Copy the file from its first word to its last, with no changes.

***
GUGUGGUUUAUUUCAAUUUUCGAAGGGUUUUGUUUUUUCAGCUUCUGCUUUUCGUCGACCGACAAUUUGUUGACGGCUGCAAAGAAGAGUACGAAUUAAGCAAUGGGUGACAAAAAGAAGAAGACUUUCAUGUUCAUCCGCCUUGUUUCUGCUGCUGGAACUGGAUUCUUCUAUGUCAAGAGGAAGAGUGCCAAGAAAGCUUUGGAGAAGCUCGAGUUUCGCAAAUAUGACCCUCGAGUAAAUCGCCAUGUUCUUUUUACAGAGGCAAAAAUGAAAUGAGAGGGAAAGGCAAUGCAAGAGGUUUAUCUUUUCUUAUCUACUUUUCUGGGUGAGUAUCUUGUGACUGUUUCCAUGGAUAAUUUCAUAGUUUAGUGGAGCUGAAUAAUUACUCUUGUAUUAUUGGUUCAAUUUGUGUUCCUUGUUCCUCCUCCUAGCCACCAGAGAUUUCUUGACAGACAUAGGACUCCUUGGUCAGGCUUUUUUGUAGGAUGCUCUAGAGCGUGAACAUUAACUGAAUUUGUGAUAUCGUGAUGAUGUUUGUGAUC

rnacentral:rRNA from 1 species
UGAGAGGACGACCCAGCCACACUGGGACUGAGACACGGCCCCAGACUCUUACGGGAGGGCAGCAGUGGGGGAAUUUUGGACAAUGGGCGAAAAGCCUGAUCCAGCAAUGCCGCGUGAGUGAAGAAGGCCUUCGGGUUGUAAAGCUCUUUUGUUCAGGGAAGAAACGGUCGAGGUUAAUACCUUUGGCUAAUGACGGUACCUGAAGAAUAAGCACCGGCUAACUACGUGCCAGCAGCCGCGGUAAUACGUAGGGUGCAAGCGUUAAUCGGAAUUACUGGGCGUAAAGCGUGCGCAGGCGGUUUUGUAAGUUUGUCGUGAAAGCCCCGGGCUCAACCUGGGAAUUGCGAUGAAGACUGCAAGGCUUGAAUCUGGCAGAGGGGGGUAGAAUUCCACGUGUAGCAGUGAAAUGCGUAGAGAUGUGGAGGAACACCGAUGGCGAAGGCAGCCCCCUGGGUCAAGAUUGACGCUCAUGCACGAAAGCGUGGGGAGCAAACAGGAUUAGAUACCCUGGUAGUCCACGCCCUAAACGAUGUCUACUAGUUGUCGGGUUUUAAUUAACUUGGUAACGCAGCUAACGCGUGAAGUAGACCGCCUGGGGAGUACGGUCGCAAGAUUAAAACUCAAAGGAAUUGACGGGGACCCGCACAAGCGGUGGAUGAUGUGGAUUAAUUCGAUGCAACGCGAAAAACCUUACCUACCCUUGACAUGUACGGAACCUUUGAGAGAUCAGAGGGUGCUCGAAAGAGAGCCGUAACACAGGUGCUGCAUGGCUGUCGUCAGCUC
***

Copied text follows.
GUGUGGUUUAUUUCAAUUUUCGAAGGGUUUUGUUUUUUCAGCUUCUGCUUUUCGUCGACCGACAAUUUGUUGACGGCUGCAAAGAAGAGUACGAAUUAAGCAAUGGGUGACAAAAAGAAGAAGACUUUCAUGUUCAUCCGCCUUGUUUCUGCUGCUGGAACUGGAUUCUUCUAUGUCAAGAGGAAGAGUGCCAAGAAAGCUUUGGAGAAGCUCGAGUUUCGCAAAUAUGACCCUCGAGUAAAUCGCCAUGUUCUUUUUACAGAGGCAAAAAUGAAAUGAGAGGGAAAGGCAAUGCAAGAGGUUUAUCUUUUCUUAUCUACUUUUCUGGGUGAGUAUCUUGUGACUGUUUCCAUGGAUAAUUUCAUAGUUUAGUGGAGCUGAAUAAUUACUCUUGUAUUAUUGGUUCAAUUUGUGUUCCUUGUUCCUCCUCCUAGCCACCAGAGAUUUCUUGACAGACAUAGGACUCCUUGGUCAGGCUUUUUUGUAGGAUGCUCUAGAGCGUGAACAUUAACUGAAUUUGUGAUAUCGUGAUGAUGUUUGUGAUC

rnacentral:rRNA from 1 species
UGAGAGGACGACCCAGCCACACUGGGACUGAGACACGGCCCCAGACUCUUACGGGAGGGCAGCAGUGGGGGAAUUUUGGACAAUGGGCGAAAAGCCUGAUCCAGCAAUGCCGCGUGAGUGAAGAAGGCCUUCGGGUUGUAAAGCUCUUUUGUUCAGGGAAGAAACGGUCGAGGUUAAUACCUUUGGCUAAUGACGGUACCUGAAGAAUAAGCACCGGCUAACUACGUGCCAGCAGCCGCGGUAAUACGUAGGGUGCAAGCGUUAAUCGGAAUUACUGGGCGUAAAGCGUGCGCAGGCGGUUUUGUAAGUUUGUCGUGAAAGCCCCGGGCUCAACCUGGGAAUUGCGAUGAAGACUGCAAGGCUUGAAUCUGGCAGAGGGGGGUAGAAUUCCACGUGUAGCAGUGAAAUGCGUAGAGAUGUGGAGGAACACCGAUGGCGAAGGCAGCCCCCUGGGUCAAGAUUGACGCUCAUGCACGAAAGCGUGGGGAGCAAACAGGAUUAGAUACCCUGGUAGUCCACGCCCUAAACGAUGUCUACUAGUUGUCGGGUUUUAAUUAACUUGGUAACGCAGCUAACGCGUGAAGUAGACCGCCUGGGGAGUACGGUCGCAAGAUUAAAACUCAAAGGAAUUGACGGGGACCCGCACAAGCGGUGGAUGAUGUGGAUUAAUUCGAUGCAACGCGAAAAACCUUACCUACCCUUGACAUGUACGGAACCUUUGAGAGAUCAGAGGGUGCUCGAAAGAGAGCCGUAACACAGGUGCUGCAUGGCUGUCGUCAGCUC